Remote Work / Work from Home — Best Practices


The first step in having a successful remote work/work from home business practice is understanding that remote work is very different from traditional office business practices. This may seem obvious, but there is often a disconnect as businesses usually try to reproduce how it was done in the office. Even though a face-to-face can be done through video conferencing tools, just like walking into an office or cubicle at work, this is not the best way to run an entire workforce. Your whole day could very well end up being extremely unproductive.

The best way in the new Covid-19 environment is to use a blend of SaaS tools to emulate, in part, but also transcend to an increase in productive communication, collaboration and to move the business forward in this uncertain time. Efficiencies are there for those companies that fully commit to a remote work posture.

To step back for a minute…, every business goal is to perform and produce business results. This was the goal before Covid-19, and it’s certainly the goal now — even more so. For an organization to perform at it’s best, it needs to communicate efficiently, with purpose, and with the bottom line leading to results! As in the office, organization and collaboration are the keys. This does NOT have to be a challenge when working remotely or working from home. Having a game plan, a set of tools and best practices can make this transition easier — with better than expected results. As many businesses have seen these past couple months, we have learned that the new work from home environment is not as bad as we thought it would be, that business can be done on a large scale by not being all in the same office and that there are useful tools and practices and some bad ones. The key is to lay it out simply!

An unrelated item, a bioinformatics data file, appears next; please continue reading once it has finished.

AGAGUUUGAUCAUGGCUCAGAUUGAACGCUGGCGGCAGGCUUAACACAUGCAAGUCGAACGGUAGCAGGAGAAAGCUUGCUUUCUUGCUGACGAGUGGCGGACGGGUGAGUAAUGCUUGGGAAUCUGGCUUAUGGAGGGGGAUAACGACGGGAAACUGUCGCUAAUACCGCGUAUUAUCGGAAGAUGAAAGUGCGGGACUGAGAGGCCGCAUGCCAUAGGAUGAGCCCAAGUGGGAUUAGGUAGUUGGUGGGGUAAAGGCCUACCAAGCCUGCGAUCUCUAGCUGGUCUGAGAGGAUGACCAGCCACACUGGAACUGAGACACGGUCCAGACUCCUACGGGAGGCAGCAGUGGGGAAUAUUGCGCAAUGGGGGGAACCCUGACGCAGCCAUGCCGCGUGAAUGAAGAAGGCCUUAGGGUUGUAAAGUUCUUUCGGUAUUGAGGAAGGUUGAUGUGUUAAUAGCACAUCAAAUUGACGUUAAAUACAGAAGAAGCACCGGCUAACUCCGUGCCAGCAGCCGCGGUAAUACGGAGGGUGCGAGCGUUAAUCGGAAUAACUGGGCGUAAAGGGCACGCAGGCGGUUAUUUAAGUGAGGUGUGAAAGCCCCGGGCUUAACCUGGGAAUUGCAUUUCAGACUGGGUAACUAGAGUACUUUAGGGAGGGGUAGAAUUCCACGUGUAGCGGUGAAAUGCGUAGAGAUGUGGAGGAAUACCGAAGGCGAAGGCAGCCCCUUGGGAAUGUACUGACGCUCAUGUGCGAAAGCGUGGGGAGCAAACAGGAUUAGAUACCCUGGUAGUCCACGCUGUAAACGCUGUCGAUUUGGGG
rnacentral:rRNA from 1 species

So what to do…, have a road map that works for your business. The road map can be different for each group, each office and/or each region. This is where the “no one size fits all,” saying rings true. Lay out the options, but more importantly, layout what tool should be used for what purpose. Again, one size does not fit all, and it’s also best to start small. Implement just a couple of solutions at a time, starting with your most significant pain point and then finetune from there.

● Phone Calls — Urgent guidance, back and forth needed to decide a go-forward plan in the now.

● Video Conferencing (Zoom, GoToMeeting, Google Meet, and Skype) — Great to use in specific ways to collaborate such as sales meetings. However, be careful with overusing thinking it’s a substitute for a traditional in-office meeting.

● Texting — Simple announcement or quick answer.

● Messaging (Slack, MS Teams) — Detailed communication with back and forth in the now. Documents can be swapped back and forth. Messaging can take the pressure off overused email inboxes. Direct Messages and Channels/Categories keep communication very organized for teams.

● Email — Detailed, specific, lengthy communication and still necessary for internal and external communication.

● Schedulers ( — Removes the pressure of all the back and forth emails, texts, and phone calls to find an available time slot to meet with one or more people. Good ones are fully integrated with office calendars, conf call systems, video conferencing, schedule, CRMs, etc. to make the whole task simple, and easy saving time.

● CRMs (HubSpot, Freshworks, Salesforce) — Important to keep all your information on clients in one place and make your sales process more efficient

● Collaboration tools (Asana) — Can further bring your whole business process into an organized and straightforward arena.